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Bovine Association Honors NC State Veterinary Students, Alum

AABP Scholarship
The CVM Class of 2022's Allyson Patterson received two top student honors this year from the American Association of Bovine Practitioners. Photo by Carin Ingram.

Two NC State College of Veterinary Medicine students and an alumnus have earned top honors from the American Association of Bovine Practitioners.

The class of 2022’s Allyson Patterson received a Harold E. Amstutz Scholarship and an AABP Foundation/Merck Animal Health Bovine Veterinary Student Recognition Award. The class of 2021’s Caitlyn Mullins won an AABP Foundation-Zoetis Scholarship.

The Boehringer Ingelheim Bovine Practitioner of the Year Award went to Pat Comyn, a 1988 CVM graduate who owns and operates Virginia Herd Health Management Services, PC in Madison, Va. 

The honors were handed out during the AABP’s virtual conference Sept. 24-26. 

“Receiving these honors means the world to me,” says Patterson. “I love bovine medicine and am beyond pleased that my passion and excitement came across and was recognized in this way.”

Patterson is a 2020 Annable Scholar and a Food Animal Scholar at the CVM. She was a Park Scholar at NC State, where she earned a bachelor’s in animal science in 2018. After graduation, she plans to pursue an academic food animal internship followed by a residency in theriogenology or large animal internal medicine. The ultimate goal: returning to academia as a clinician or professor.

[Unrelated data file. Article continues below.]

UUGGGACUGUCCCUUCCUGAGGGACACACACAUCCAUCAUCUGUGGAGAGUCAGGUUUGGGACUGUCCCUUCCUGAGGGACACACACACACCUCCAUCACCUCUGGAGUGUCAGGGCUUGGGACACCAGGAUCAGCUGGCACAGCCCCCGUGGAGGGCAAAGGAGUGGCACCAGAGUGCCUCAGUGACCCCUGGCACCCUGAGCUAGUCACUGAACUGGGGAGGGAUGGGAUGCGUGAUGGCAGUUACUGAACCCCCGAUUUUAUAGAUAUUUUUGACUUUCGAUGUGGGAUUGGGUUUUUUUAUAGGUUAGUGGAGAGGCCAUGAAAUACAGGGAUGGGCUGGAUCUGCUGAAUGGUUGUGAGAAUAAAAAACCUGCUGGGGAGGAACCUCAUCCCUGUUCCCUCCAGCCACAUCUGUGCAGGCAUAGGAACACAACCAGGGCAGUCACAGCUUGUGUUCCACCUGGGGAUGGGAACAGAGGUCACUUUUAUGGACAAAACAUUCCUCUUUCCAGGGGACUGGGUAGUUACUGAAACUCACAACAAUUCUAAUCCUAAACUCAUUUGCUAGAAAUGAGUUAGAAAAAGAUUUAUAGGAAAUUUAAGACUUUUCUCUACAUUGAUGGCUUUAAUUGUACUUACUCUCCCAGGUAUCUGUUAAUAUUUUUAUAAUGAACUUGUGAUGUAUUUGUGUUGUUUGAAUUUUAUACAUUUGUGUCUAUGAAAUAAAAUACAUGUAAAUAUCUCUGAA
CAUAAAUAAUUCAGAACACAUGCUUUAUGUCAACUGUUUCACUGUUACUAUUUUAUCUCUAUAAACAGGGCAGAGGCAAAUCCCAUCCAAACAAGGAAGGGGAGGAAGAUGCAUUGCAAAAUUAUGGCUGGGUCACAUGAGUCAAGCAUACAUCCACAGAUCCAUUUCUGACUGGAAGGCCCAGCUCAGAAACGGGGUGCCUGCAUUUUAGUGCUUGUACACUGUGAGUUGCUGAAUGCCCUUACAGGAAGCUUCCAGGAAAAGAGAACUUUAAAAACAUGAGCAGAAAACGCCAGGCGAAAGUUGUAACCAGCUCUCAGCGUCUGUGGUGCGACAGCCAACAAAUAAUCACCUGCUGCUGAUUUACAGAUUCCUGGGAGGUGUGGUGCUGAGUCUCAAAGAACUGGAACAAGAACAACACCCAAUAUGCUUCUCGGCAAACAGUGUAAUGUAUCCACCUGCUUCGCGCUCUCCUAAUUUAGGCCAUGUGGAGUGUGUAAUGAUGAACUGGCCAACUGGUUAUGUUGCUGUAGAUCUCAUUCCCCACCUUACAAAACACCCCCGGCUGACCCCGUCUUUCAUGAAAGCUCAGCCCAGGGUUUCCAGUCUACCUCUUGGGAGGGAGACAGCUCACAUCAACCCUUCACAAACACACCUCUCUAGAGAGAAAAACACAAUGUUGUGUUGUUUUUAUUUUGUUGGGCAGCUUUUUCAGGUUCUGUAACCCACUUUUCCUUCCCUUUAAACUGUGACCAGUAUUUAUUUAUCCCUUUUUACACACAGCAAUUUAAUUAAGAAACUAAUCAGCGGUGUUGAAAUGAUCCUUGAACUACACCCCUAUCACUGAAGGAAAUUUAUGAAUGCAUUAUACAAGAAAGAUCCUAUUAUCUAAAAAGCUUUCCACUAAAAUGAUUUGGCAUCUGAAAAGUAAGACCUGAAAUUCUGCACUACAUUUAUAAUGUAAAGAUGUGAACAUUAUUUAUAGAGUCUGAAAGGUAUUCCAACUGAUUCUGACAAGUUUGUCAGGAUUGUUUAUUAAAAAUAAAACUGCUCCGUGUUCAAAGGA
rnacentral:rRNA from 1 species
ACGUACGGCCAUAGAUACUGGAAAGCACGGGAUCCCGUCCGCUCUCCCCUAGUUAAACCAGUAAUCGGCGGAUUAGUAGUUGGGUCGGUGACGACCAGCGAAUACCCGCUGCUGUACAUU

She is just one of just five to earn the $7,500 Amstutz Scholarship, the AABP’s highest student honor. She is also one of 18 veterinary students nationally to win the Bovine Veterinary Student Recognition Award, a $5,000 scholarship.

“Focusing on ruminant medicine at the CVM has been an absolute blast,” says Patterson. “The food animal students are some of the most engaged, passionate and fun-loving people at our school. I’m so fortunate to have them as colleagues and also have the support of our world-class ruminant faculty.”

Derek Foster, CVM associate professor of ruminant medicine, has known Patterson since she enrolled at the CVM and joined the college’s Student Chapter of the AABP. 

“Allyson is dedicated to becoming the best veterinarian that she can be,” says Foster. “She is an outstanding student who has a sincere desire to become a food animal veterinarian, going out of her way to visit farms and practices around the country and the world to get unique experiences to prepare her for this career.”

Caitlyn Mullins. Photo by John Joyner/NC State Veterinary Medicine

Mullins is one of 12 students to receive the $5,000 AABP Foundation-Zoetis Scholarship. Last year, she received a Bovine Veterinary Student Recognition Award. Mullins is also a 2020 Annable Scholar and is interested in a career with a cattle practice. She earned a bachelor’s in animal science and a master’s in animal welfare and behavior from the Ohio State University. She is the vice president of the CVM’s Student Chapter of the AABP.

“Caitlyn and Allyson are both examples of outstanding students who have cultivated an interest in ruminant medicine and are working hard to become leaders of the profession,” says Geof Smith, CVM professor of ruminant medicine.